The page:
Greater co-operation between the training colleges and universities was looked for in the establishment of Joint Examination Boards (JEBs), based on the recommendations of a departmental committee on the Training of Teachers for Public Elementary Schools 1925 (HC 1924-5 xii; ED 24/1193-1201, ED 24/1814, ED 24/1818). Until 1926 the teaching certificate was awarded to teachers successfully completing a Board of Education examination. Thereafter the JEBs, consisting of representatives from universities, training colleges and LEAs, with HMIs in attendance, devised and conducted the Final Examination for students in academic subjects. The Board of Education continued to be responsible for testing the capacity of students for practical teaching. Joint Examination Board files are in ED 105.
5. Post war training and supply of teachers
The Fleming Committee was set up in 1943 to consider how to meet post war requirements for teachers. Papers relating to the work of the committee are in ED 136/687-688 and ED 143/1-5. The scheme drawn up by the committee was piloted at Goldsmiths' College in September 1944 and the first emergency training college opened in 1945. By December 1947 55 such colleges were in operation. Policy papers relating to the scheme and its administration are in ED 143 . Representative emergency college files have been kept for Alnwick in Northumberland (ED 143/33-34) and Borthwick Training College for Women in London (ED 143/35-36).
The National Advisory Council on Training and Supply of Teachers (NACTST) was set up in 1948 to review national policy on the training, qualifications and distribution of teachers (ED 86/270). It was wound up in 1965 without a clear successor body. The early minutes and papers of the council are in ED 86/275, with additional information in ED 86/271-285, ED 86/448-459, ED 192/24-26 and ED 192/71-73. ED 234 contains the minutes and papers of the council and its sub committees from 1953-1965. The minutes, papers and report of the James Committee of Inquiry into Teacher Training 1971-2 are in ED 145.
The Teacher Training Agency was established in September 1994 to fund the provision of teacher training, to improve the quality and efficiency of all routes into the teaching profession, to contribute to raising the standards of teaching and to provide information and advice on teaching as a career. Copies of its annual reports and corporate plans are available in PB 1, with Board minutes and papers, 1994-2000, in PB 2 and electronic minutes and papers, 2001-2002, in PB 3.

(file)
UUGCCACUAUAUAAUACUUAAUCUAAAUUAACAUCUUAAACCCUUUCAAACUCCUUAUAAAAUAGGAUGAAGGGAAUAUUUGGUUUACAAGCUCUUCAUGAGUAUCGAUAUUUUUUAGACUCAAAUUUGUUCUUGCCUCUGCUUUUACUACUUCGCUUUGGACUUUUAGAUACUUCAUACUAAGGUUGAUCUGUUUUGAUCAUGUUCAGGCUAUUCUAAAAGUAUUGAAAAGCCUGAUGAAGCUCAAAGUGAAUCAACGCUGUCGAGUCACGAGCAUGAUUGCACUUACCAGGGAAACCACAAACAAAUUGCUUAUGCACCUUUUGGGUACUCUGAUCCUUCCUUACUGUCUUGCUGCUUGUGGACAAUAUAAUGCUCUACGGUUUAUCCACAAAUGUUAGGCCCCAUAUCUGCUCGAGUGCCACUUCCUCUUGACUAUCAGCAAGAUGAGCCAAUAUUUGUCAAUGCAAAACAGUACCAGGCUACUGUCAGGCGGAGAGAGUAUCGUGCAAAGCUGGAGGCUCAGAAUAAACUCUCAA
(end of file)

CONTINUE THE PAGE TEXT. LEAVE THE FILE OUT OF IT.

The interest of central government in teachers has largely been confined to matters of supply, although it has necessarily been much concerned with qualification, payment, pensions and conduct. The suspension or cancellation of a teacher's certificate renders the individual unable to teach; Teachers' Misconduct Files are in ED 104 (closed for up to 75 years). Files on teachers' superannuation are in ED 131, with Burnham Committee papers on salaries in ED 108.
6. Teachers' Registration Council
The Education Act 1899 made provision for the establishment of a register of teachers, following one of the recommendations of the Royal Commission on Secondary Education (Bryce) (HC 1895 xlii; see ED 12/11 and ED 12/12 for bound copies of minutes). The Teachers' Registration Council was set up in 1902. The form in which the register was kept led to protests by the National Union of Teachers, resulting in its withdrawal in 1907; the Council was not reconstituted until 1912. The Council was independent of the Board of Education; it issued lists of teachers in alphabetical order; registration was voluntary. Neither the Board nor the LEAs used it in selecting candidates for promotion and, consequently, its success remained limited.
In 1929 the Royal Society of Teachers was formed, with the Council as its executive committee. Registration was abandoned in 1948 and the Council was dissolved the following year. Its minute books, together with copies of its reports for the years 1902 to 1906, are in ED 44; further papers relating to its work are among the General Education, General Files (ED 10). It was superseded by the National Advisory Council on the Training and Supply of Teachers (see section 5, above).
The original registration records for the period up to 1947 are available on the Findmypast website. Although registration began in 1914, people who were already teaching registered, and the records cover teachers who started their careers from the 1870s onwards. The records provide the following information:
- teacher's name (and for married women teachers often their maiden name as well)
- date of registration
- register number
- (professional) address
- training in teaching
7. Further reading
Ann Morton, Education and the State, from 1833, Public Record Office Readers' Guide No 18 (PRO 1997)